ZANZIBAR, Tanzania – Zanzibar is a small island about 20 miles off the Tanzanian mainland in East Africa. Nestled in the Indian Ocean, this semi-autonomous tropical nation, known as “Spice Island” is home to close to a million inhabitants. Though the African and Arab hybrid population relies heavily on the fishing industry, over 75% of Zanzibari’s are sustenance farmers.
Tourism has become the major industry in the last 20 years, but Zanzibar farmers are barely benefitting from the estimated one million tourists that visit the island annually. Close to 80 percent of the vegetables supplied to the popular hotel industry are not from the island. Instead the majority comes from Dar es Salaam, a hub for vegetables grown in the more fertile areas of Tanzania.
The subsistence farmers on this small island labor mostly to feed themselves. Tomatoes, peppers and okra are the main cash crops for over 200 members of a Zanzibari farming association called Umwamwema, who have been working to increase their food security and income through enhanced productivity. Many farmers face various challenges in producing profitable crops, specifically knowledge about pesticides and diseases and accessing fresh water for irrigation. Through educational workshops complete with valuable agricultural information these farmers are aiming to become self-sufficient.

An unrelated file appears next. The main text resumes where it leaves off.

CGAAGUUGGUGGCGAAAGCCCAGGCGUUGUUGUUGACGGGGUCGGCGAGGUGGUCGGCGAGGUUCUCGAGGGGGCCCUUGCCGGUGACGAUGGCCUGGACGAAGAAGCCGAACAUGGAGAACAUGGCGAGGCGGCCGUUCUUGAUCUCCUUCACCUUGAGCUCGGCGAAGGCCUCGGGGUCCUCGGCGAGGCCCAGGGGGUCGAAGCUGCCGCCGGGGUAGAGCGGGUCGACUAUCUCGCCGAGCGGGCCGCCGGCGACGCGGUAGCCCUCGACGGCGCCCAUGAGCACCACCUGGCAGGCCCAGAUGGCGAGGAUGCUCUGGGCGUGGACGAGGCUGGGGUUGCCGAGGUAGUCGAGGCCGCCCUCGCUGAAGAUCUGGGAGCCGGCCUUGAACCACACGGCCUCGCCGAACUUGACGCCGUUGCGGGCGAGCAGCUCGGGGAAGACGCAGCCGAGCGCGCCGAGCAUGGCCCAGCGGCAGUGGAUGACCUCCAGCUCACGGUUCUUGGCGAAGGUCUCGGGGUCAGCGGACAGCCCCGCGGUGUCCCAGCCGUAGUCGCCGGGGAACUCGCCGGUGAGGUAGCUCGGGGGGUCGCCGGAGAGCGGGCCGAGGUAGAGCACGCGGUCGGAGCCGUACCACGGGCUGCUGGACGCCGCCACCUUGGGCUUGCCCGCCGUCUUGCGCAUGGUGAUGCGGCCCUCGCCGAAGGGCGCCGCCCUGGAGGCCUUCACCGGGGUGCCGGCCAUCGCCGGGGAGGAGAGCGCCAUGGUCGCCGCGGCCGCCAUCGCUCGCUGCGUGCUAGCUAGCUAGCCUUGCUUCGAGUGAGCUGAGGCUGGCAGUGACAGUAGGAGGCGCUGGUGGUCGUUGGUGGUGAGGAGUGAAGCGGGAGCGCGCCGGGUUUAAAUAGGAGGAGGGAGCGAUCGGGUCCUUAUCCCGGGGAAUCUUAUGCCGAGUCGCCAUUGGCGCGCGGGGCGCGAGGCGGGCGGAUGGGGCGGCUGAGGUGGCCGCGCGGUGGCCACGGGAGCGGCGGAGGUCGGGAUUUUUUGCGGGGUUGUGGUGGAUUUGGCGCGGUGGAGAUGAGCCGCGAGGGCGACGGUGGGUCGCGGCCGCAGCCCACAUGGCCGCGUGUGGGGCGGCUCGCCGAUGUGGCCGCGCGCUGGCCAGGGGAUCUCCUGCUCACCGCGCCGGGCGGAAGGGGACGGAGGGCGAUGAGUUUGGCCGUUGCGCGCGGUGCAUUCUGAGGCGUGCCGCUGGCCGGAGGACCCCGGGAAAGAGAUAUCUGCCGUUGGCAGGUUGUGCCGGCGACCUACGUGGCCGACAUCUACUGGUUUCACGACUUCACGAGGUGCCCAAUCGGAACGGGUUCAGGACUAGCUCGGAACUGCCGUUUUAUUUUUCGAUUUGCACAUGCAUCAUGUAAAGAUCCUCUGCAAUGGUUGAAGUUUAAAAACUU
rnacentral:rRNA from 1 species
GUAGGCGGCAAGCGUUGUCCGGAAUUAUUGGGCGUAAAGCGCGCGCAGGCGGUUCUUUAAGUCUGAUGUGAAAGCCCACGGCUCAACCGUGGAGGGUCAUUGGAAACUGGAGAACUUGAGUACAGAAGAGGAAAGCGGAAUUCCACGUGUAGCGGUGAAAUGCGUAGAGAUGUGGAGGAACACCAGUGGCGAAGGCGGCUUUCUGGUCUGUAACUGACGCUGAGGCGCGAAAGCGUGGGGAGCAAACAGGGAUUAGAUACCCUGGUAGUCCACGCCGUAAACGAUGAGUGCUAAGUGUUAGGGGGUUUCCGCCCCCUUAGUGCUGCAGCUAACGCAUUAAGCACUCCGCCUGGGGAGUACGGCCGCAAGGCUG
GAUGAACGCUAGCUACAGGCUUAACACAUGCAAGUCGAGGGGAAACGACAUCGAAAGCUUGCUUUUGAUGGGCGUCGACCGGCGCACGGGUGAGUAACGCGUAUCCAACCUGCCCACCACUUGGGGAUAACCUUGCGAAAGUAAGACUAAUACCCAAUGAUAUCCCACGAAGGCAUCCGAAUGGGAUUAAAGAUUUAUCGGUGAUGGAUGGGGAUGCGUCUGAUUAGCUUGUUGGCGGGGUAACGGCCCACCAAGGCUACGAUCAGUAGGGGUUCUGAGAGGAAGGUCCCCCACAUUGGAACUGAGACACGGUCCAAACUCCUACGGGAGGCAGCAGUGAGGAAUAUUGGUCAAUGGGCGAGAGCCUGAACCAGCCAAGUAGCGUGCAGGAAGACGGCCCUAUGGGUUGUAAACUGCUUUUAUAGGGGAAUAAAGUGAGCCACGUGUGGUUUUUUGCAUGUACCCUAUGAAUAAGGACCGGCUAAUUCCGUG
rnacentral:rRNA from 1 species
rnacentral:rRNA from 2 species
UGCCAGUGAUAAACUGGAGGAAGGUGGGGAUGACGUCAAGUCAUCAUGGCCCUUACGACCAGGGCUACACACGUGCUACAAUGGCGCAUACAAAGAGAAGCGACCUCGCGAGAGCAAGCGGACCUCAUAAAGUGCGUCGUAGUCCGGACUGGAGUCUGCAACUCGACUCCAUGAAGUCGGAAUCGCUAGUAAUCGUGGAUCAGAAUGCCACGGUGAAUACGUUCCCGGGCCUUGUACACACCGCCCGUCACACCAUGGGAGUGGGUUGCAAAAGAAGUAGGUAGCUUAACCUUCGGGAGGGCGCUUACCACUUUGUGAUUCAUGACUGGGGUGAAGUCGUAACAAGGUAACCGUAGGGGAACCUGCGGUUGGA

Some of these workshops are run by Danny Coyne, a pest and disease expert with the International Institute of Tropical Agriculture (IITA) in Tanzania. He educates farmers on methods to identify diseased plants and roots and the use of drip irrigation. The use of drip irrigation and water harvesting is new technology in Zanzibar, and pesticides, seeds and fertilizer tend to be expensive and of poor quality. Lack of knowledge and financial resources result in farmers either not using these technologies or not using them effectively, causing a low vegetable yield yet that has historically hindered the productivity.
Check out our video to get a glimpse into the life of the farmers of Umwamwema, and see a little bit of what they’re learning in the workshops in our “Ask an Expert” segment. Then join the discussion below – what seemingly small technological innovations can you see helping these farmers?